1 The Demography of the Labor Force in Emerging Markets David Lam I. Introduction This paper discusses how demographic changes are affecting the labor force in emerging markets. As will be shown below, the demographic situation in emerging markets is rapidly changing. After several decades of rapid population growth, with most of the growth coming at the youngest ages, population growth rates have declined substantially and growth is now concentrated in the older age groups. These changes are important to the U.S. economy for several reasons. First, these countries will be some of the Unites States most important trading partners in the decades to come. Changes in the size and composition of the labor force in these countries could have important implications for the kinds of goods they produce and how they compete in the world economy. Second, the demographic changes in emerging markets have potentially important impacts on the demand for U.S. goods in these economies. Third, the changing demographics of the labor force in emerging markets may have important implications for the way these workers compete with U.S. workers. The change from rapid growth of youth cohorts with low skills to slower growth of youth cohorts with higher skills is potentially an important change in the global labor market that could have both positive and negative effects on the relative position of U.S. workers. 233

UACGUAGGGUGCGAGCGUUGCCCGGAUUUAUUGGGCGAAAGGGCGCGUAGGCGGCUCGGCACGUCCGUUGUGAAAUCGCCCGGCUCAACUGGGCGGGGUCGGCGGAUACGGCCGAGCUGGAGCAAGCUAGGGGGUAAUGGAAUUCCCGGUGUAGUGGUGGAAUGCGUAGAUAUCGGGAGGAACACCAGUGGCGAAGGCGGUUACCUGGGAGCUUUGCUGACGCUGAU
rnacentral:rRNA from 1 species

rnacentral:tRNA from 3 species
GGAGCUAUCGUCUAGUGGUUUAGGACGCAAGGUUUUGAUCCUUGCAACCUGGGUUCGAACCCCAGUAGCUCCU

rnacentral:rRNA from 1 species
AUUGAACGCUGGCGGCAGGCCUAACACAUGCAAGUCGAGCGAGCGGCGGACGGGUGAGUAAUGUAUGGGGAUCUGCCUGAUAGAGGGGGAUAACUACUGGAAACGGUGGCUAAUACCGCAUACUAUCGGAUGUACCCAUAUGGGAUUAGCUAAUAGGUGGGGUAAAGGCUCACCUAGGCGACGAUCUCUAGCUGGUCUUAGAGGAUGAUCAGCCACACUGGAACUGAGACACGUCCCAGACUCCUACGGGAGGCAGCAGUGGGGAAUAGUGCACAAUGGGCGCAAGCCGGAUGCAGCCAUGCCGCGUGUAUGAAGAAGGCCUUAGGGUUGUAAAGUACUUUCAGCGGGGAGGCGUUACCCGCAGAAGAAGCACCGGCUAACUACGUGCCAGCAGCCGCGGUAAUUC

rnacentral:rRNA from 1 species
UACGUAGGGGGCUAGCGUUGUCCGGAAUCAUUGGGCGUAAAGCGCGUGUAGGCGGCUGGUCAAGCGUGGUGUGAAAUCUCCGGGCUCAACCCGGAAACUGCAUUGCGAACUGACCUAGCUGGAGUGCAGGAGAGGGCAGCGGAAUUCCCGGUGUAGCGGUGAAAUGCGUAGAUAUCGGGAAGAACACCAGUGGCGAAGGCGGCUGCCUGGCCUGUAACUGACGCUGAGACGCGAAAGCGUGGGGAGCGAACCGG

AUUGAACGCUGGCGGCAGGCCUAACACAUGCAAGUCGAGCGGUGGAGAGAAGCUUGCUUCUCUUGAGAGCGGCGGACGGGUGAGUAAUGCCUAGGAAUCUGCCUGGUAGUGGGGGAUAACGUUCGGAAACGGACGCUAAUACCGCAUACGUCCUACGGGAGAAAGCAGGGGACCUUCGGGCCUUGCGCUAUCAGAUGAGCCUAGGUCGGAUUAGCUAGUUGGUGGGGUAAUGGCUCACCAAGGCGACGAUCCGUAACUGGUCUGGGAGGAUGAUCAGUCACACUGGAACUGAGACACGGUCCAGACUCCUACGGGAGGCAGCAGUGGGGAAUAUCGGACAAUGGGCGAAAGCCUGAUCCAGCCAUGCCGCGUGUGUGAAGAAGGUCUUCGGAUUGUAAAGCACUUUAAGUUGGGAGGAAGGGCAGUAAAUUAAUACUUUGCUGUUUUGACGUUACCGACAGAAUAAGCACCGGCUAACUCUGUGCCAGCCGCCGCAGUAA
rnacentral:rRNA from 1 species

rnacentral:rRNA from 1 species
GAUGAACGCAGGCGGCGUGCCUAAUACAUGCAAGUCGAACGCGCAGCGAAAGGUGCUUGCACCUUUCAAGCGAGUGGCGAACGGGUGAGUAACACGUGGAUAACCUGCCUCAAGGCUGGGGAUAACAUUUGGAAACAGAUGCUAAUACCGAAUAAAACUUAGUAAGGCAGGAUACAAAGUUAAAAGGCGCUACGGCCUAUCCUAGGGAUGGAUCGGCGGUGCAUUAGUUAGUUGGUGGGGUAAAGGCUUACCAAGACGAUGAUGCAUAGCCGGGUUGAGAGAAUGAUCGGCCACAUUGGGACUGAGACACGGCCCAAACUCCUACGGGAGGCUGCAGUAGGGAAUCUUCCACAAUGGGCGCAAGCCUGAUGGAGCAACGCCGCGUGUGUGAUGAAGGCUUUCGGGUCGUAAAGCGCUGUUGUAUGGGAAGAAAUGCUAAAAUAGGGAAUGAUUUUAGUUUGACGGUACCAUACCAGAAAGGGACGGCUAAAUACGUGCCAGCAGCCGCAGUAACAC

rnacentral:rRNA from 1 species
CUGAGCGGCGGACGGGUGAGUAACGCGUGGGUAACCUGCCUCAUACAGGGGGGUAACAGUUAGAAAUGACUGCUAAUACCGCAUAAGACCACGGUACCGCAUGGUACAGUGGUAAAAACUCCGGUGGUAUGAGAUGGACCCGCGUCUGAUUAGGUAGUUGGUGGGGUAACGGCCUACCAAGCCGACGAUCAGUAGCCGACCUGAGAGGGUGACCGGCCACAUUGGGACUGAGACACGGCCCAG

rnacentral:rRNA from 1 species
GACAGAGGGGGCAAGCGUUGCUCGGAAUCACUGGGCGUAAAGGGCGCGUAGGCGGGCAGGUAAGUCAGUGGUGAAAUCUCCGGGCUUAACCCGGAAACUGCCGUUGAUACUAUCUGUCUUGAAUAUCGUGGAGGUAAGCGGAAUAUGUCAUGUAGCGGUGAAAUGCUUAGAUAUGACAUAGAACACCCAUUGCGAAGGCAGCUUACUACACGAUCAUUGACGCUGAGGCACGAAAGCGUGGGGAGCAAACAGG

2 234 David Lam I begin by reviewing some of the dramatic demographic changes in the world in the last 6 years. I then discuss how the rapid population growth that reached a peak in the 196s continues to affect the dynamics of the labor force in developing countries today and will continue to have effects for many more decades. An important theme will be the slowdown in the growth rate of the working-age population and the shift toward an older labor force. I also discuss the dramatic increase in education in developing countries, including a narrowing of the gender gap in schooling. In the final section of the paper I look at the extent to which rapid population growth has led to high youth unemployment in developing countries. An important theme throughout the paper is the large differences in demographic trends across regions. While Latin America and East Asia have had rapid fertility declines that have led to substantial reductions in the growth rate of the working-age population, sub-saharan Africa continues to have high fertility and high rates of population growth. These regional differences will greatly affect the dynamics of the labor force in emerging markets in coming decades. Throughout the paper I use the population estimates and projections of the United Nations Population Division, as updated in their World Population Prospects: The 212 Revision (U.N. Population Division 213). I use the U.N. s Medium Variant projections for projections beyond 212. I focus mainly on projections to 23. This means that assumptions about fertility, the most difficult component in projecting long-term population trends, have little impact, since the vast majority of the working-age population in 23 was already born in 212. Assumptions about mortality also play a fairly minor role in projecting the working-age population, since mortality rates in the age group are relatively low. II. Background: The Rise and Fall of Rapid Population Growth In order to understand the current demographics of the labor force in emerging markets, it is important to look at world demographic history of the last 6 years. This is one of the most remarkable periods of demographic change the world has ever seen. As I argued in